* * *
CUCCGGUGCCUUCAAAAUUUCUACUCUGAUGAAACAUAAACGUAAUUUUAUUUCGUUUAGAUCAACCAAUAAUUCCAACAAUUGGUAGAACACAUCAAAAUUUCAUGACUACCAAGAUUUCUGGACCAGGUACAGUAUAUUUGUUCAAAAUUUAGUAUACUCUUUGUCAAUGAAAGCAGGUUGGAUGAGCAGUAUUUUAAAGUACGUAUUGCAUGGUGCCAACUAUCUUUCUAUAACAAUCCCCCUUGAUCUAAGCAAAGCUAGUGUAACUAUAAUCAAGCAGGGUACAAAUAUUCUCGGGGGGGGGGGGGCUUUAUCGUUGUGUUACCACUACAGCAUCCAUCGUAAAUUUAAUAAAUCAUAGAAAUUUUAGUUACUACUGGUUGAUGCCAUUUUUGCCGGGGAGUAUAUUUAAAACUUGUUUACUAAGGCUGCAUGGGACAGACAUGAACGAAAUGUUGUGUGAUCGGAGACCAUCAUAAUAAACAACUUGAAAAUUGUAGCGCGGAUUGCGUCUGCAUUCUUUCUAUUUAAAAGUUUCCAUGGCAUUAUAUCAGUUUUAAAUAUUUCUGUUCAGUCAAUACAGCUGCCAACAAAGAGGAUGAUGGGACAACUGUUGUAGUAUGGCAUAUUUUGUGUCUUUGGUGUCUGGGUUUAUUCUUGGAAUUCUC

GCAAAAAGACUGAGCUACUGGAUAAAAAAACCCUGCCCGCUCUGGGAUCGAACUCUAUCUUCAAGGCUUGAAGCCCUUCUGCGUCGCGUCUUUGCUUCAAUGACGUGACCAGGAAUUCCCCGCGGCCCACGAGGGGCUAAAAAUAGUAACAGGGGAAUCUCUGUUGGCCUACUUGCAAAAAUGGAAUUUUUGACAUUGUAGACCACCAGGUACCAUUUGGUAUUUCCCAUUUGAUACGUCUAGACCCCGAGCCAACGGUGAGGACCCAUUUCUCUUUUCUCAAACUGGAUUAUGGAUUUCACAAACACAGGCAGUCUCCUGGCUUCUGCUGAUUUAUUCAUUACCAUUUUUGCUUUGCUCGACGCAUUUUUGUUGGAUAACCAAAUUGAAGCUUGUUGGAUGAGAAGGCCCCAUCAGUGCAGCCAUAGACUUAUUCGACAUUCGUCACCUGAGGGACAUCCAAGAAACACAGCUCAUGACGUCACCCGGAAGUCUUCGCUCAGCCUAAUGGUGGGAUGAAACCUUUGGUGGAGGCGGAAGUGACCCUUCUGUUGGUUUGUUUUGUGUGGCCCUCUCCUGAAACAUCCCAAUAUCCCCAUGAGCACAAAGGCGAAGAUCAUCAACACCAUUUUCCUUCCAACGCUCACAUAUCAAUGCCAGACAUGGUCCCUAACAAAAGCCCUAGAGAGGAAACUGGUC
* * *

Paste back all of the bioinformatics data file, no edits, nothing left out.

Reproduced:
CUCCGGUGCCUUCAAAAUUUCUACUCUGAUGAAACAUAAACGUAAUUUUAUUUCGUUUAGAUCAACCAAUAAUUCCAACAAUUGGUAGAACACAUCAAAAUUUCAUGACUACCAAGAUUUCUGGACCAGGUACAGUAUAUUUGUUCAAAAUUUAGUAUACUCUUUGUCAAUGAAAGCAGGUUGGAUGAGCAGUAUUUUAAAGUACGUAUUGCAUGGUGCCAACUAUCUUUCUAUAACAAUCCCCCUUGAUCUAAGCAAAGCUAGUGUAACUAUAAUCAAGCAGGGUACAAAUAUUCUCGGGGGGGGGGGGGCUUUAUCGUUGUGUUACCACUACAGCAUCCAUCGUAAAUUUAAUAAAUCAUAGAAAUUUUAGUUACUACUGGUUGAUGCCAUUUUUGCCGGGGAGUAUAUUUAAAACUUGUUUACUAAGGCUGCAUGGGACAGACAUGAACGAAAUGUUGUGUGAUCGGAGACCAUCAUAAUAAACAACUUGAAAAUUGUAGCGCGGAUUGCGUCUGCAUUCUUUCUAUUUAAAAGUUUCCAUGGCAUUAUAUCAGUUUUAAAUAUUUCUGUUCAGUCAAUACAGCUGCCAACAAAGAGGAUGAUGGGACAACUGUUGUAGUAUGGCAUAUUUUGUGUCUUUGGUGUCUGGGUUUAUUCUUGGAAUUCUC

GCAAAAAGACUGAGCUACUGGAUAAAAAAACCCUGCCCGCUCUGGGAUCGAACUCUAUCUUCAAGGCUUGAAGCCCUUCUGCGUCGCGUCUUUGCUUCAAUGACGUGACCAGGAAUUCCCCGCGGCCCACGAGGGGCUAAAAAUAGUAACAGGGGAAUCUCUGUUGGCCUACUUGCAAAAAUGGAAUUUUUGACAUUGUAGACCACCAGGUACCAUUUGGUAUUUCCCAUUUGAUACGUCUAGACCCCGAGCCAACGGUGAGGACCCAUUUCUCUUUUCUCAAACUGGAUUAUGGAUUUCACAAACACAGGCAGUCUCCUGGCUUCUGCUGAUUUAUUCAUUACCAUUUUUGCUUUGCUCGACGCAUUUUUGUUGGAUAACCAAAUUGAAGCUUGUUGGAUGAGAAGGCCCCAUCAGUGCAGCCAUAGACUUAUUCGACAUUCGUCACCUGAGGGACAUCCAAGAAACACAGCUCAUGACGUCACCCGGAAGUCUUCGCUCAGCCUAAUGGUGGGAUGAAACCUUUGGUGGAGGCGGAAGUGACCCUUCUGUUGGUUUGUUUUGUGUGGCCCUCUCCUGAAACAUCCCAAUAUCCCCAUGAGCACAAAGGCGAAGAUCAUCAACACCAUUUUCCUUCCAACGCUCACAUAUCAAUGCCAGACAUGGUCCCUAACAAAAGCCCUAGAGAGGAAACUGGUC